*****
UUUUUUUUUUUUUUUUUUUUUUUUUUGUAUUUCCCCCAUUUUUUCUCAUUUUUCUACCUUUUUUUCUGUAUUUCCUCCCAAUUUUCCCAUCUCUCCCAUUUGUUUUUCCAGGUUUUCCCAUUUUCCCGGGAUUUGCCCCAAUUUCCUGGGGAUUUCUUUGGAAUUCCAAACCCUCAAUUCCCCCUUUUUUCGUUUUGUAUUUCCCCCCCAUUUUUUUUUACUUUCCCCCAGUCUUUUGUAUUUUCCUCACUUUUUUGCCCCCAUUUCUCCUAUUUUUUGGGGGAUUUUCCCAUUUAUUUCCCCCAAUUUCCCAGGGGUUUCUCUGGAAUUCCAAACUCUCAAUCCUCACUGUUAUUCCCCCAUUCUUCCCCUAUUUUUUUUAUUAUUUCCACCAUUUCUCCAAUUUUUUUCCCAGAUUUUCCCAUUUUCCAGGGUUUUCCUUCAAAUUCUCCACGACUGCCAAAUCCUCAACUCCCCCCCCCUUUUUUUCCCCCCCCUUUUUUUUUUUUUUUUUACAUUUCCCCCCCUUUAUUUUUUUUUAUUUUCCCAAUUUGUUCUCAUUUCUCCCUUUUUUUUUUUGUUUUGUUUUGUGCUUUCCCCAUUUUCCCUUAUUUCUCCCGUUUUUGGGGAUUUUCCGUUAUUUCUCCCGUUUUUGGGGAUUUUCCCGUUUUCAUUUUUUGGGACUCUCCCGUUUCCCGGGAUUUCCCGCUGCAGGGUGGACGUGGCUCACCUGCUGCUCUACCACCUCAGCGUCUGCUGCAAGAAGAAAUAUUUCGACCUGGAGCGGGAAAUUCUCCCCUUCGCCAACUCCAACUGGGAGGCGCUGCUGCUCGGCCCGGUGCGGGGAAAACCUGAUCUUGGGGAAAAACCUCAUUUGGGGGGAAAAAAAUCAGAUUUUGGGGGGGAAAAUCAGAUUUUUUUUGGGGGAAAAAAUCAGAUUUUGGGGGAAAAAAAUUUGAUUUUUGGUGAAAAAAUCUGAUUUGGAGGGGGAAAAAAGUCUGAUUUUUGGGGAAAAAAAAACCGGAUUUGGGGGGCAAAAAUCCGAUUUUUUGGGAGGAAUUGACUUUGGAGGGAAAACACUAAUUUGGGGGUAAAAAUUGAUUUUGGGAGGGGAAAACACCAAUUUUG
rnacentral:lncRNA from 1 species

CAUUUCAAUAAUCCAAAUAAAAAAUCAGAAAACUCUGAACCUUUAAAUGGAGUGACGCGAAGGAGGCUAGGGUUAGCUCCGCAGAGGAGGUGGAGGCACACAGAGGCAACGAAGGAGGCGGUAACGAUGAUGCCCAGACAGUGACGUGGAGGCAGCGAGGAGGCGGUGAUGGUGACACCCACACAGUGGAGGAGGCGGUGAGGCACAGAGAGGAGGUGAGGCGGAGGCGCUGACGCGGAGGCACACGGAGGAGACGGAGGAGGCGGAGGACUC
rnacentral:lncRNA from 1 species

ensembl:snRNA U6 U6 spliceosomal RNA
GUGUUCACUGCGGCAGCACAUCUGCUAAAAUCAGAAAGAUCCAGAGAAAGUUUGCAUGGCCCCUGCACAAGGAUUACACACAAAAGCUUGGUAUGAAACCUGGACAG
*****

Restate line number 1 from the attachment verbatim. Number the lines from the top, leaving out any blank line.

UUUUUUUUUUUUUUUUUUUUUUUUUUGUAUUUCCCCCAUUUUUUCUCAUUUUUCUACCUUUUUUUCUGUAUUUCCUCCCAAUUUUCCCAUCUCUCCCAUUUGUUUUUCCAGGUUUUCCCAUUUUCCCGGGAUUUGCCCCAAUUUCCUGGGGAUUUCUUUGGAAUUCCAAACCCUCAAUUCCCCCUUUUUUCGUUUUGUAUUUCCCCCCCAUUUUUUUUUACUUUCCCCCAGUCUUUUGUAUUUUCCUCACUUUUUUGCCCCCAUUUCUCCUAUUUUUUGGGGGAUUUUCCCAUUUAUUUCCCCCAAUUUCCCAGGGGUUUCUCUGGAAUUCCAAACUCUCAAUCCUCACUGUUAUUCCCCCAUUCUUCCCCUAUUUUUUUUAUUAUUUCCACCAUUUCUCCAAUUUUUUUCCCAGAUUUUCCCAUUUUCCAGGGUUUUCCUUCAAAUUCUCCACGACUGCCAAAUCCUCAACUCCCCCCCCCUUUUUUUCCCCCCCCUUUUUUUUUUUUUUUUUACAUUUCCCCCCCUUUAUUUUUUUUUAUUUUCCCAAUUUGUUCUCAUUUCUCCCUUUUUUUUUUUGUUUUGUUUUGUGCUUUCCCCAUUUUCCCUUAUUUCUCCCGUUUUUGGGGAUUUUCCGUUAUUUCUCCCGUUUUUGGGGAUUUUCCCGUUUUCAUUUUUUGGGACUCUCCCGUUUCCCGGGAUUUCCCGCUGCAGGGUGGACGUGGCUCACCUGCUGCUCUACCACCUCAGCGUCUGCUGCAAGAAGAAAUAUUUCGACCUGGAGCGGGAAAUUCUCCCCUUCGCCAACUCCAACUGGGAGGCGCUGCUGCUCGGCCCGGUGCGGGGAAAACCUGAUCUUGGGGAAAAACCUCAUUUGGGGGGAAAAAAAUCAGAUUUUGGGGGGGAAAAUCAGAUUUUUUUUGGGGGAAAAAAUCAGAUUUUGGGGGAAAAAAAUUUGAUUUUUGGUGAAAAAAUCUGAUUUGGAGGGGGAAAAAAGUCUGAUUUUUGGGGAAAAAAAAACCGGAUUUGGGGGGCAAAAAUCCGAUUUUUUGGGAGGAAUUGACUUUGGAGGGAAAACACUAAUUUGGGGGUAAAAAUUGAUUUUGGGAGGGGAAAACACCAAUUUUG